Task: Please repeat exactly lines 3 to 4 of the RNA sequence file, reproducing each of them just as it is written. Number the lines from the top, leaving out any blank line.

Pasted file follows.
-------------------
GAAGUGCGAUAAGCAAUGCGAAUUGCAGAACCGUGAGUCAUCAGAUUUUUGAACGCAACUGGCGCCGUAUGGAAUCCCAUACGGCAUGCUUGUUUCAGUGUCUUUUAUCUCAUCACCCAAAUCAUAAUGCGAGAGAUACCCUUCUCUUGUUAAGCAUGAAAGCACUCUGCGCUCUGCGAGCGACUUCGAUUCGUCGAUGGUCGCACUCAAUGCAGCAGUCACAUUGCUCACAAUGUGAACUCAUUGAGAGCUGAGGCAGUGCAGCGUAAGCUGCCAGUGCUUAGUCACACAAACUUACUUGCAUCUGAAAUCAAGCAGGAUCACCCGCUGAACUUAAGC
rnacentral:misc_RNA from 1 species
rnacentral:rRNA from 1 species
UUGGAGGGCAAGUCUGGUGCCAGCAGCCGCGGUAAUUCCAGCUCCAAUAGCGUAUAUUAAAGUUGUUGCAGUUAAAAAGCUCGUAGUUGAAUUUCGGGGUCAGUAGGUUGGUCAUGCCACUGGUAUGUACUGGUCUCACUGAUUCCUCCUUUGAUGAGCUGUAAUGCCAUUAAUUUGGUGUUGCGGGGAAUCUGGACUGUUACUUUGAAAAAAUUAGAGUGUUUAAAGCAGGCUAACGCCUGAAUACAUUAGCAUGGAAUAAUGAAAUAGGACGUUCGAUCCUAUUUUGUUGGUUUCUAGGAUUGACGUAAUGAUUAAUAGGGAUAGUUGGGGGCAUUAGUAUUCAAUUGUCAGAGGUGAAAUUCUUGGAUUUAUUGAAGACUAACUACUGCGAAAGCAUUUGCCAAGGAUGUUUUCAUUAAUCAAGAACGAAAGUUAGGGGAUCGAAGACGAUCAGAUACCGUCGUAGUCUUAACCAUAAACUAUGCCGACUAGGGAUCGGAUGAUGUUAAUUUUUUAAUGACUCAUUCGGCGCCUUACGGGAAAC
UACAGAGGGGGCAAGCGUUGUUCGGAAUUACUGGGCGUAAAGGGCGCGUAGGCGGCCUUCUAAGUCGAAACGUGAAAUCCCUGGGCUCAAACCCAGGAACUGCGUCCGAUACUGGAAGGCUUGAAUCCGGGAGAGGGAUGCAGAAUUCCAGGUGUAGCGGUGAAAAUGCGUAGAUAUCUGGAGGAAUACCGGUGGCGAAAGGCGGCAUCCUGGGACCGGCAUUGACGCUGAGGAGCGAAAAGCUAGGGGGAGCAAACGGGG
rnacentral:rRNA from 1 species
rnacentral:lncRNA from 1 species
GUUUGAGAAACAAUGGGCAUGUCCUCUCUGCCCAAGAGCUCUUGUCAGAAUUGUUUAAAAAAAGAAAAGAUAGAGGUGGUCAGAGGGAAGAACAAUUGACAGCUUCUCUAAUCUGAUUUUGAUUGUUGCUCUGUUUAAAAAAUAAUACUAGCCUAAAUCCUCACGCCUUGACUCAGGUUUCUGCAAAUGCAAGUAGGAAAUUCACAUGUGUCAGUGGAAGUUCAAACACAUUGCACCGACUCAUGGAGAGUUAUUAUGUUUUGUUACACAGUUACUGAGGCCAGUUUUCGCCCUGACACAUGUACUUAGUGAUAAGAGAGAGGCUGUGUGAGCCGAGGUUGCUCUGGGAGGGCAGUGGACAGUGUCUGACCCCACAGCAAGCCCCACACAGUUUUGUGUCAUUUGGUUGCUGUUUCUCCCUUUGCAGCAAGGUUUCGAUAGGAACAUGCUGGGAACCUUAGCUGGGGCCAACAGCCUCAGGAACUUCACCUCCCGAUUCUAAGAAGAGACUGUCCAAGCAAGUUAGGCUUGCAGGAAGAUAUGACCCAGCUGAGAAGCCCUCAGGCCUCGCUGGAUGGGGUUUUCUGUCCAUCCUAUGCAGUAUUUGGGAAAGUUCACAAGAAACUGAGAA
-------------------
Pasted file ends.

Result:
rnacentral:rRNA from 1 species
UUGGAGGGCAAGUCUGGUGCCAGCAGCCGCGGUAAUUCCAGCUCCAAUAGCGUAUAUUAAAGUUGUUGCAGUUAAAAAGCUCGUAGUUGAAUUUCGGGGUCAGUAGGUUGGUCAUGCCACUGGUAUGUACUGGUCUCACUGAUUCCUCCUUUGAUGAGCUGUAAUGCCAUUAAUUUGGUGUUGCGGGGAAUCUGGACUGUUACUUUGAAAAAAUUAGAGUGUUUAAAGCAGGCUAACGCCUGAAUACAUUAGCAUGGAAUAAUGAAAUAGGACGUUCGAUCCUAUUUUGUUGGUUUCUAGGAUUGACGUAAUGAUUAAUAGGGAUAGUUGGGGGCAUUAGUAUUCAAUUGUCAGAGGUGAAAUUCUUGGAUUUAUUGAAGACUAACUACUGCGAAAGCAUUUGCCAAGGAUGUUUUCAUUAAUCAAGAACGAAAGUUAGGGGAUCGAAGACGAUCAGAUACCGUCGUAGUCUUAACCAUAAACUAUGCCGACUAGGGAUCGGAUGAUGUUAAUUUUUUAAUGACUCAUUCGGCGCCUUACGGGAAAC